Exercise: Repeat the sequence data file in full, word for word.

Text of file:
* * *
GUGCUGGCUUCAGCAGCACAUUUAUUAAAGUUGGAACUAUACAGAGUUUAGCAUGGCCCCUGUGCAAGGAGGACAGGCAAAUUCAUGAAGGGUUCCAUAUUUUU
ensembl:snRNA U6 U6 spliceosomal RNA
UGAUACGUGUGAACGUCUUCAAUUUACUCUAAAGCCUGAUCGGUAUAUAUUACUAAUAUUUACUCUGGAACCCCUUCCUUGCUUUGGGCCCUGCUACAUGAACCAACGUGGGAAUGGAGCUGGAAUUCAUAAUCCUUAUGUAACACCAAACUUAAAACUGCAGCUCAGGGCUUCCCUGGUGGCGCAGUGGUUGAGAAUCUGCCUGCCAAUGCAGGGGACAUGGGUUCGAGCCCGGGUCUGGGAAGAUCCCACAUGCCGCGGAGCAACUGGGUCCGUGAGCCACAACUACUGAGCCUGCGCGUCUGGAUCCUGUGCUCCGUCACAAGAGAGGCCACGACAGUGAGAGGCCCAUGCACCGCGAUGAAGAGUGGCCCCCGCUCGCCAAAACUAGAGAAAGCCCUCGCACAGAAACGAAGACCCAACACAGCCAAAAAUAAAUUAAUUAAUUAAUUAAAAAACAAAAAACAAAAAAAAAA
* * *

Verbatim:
GUGCUGGCUUCAGCAGCACAUUUAUUAAAGUUGGAACUAUACAGAGUUUAGCAUGGCCCCUGUGCAAGGAGGACAGGCAAAUUCAUGAAGGGUUCCAUAUUUUU
ensembl:snRNA U6 U6 spliceosomal RNA
UGAUACGUGUGAACGUCUUCAAUUUACUCUAAAGCCUGAUCGGUAUAUAUUACUAAUAUUUACUCUGGAACCCCUUCCUUGCUUUGGGCCCUGCUACAUGAACCAACGUGGGAAUGGAGCUGGAAUUCAUAAUCCUUAUGUAACACCAAACUUAAAACUGCAGCUCAGGGCUUCCCUGGUGGCGCAGUGGUUGAGAAUCUGCCUGCCAAUGCAGGGGACAUGGGUUCGAGCCCGGGUCUGGGAAGAUCCCACAUGCCGCGGAGCAACUGGGUCCGUGAGCCACAACUACUGAGCCUGCGCGUCUGGAUCCUGUGCUCCGUCACAAGAGAGGCCACGACAGUGAGAGGCCCAUGCACCGCGAUGAAGAGUGGCCCCCGCUCGCCAAAACUAGAGAAAGCCCUCGCACAGAAACGAAGACCCAACACAGCCAAAAAUAAAUUAAUUAAUUAAUUAAAAAACAAAAAACAAAAAAAAAA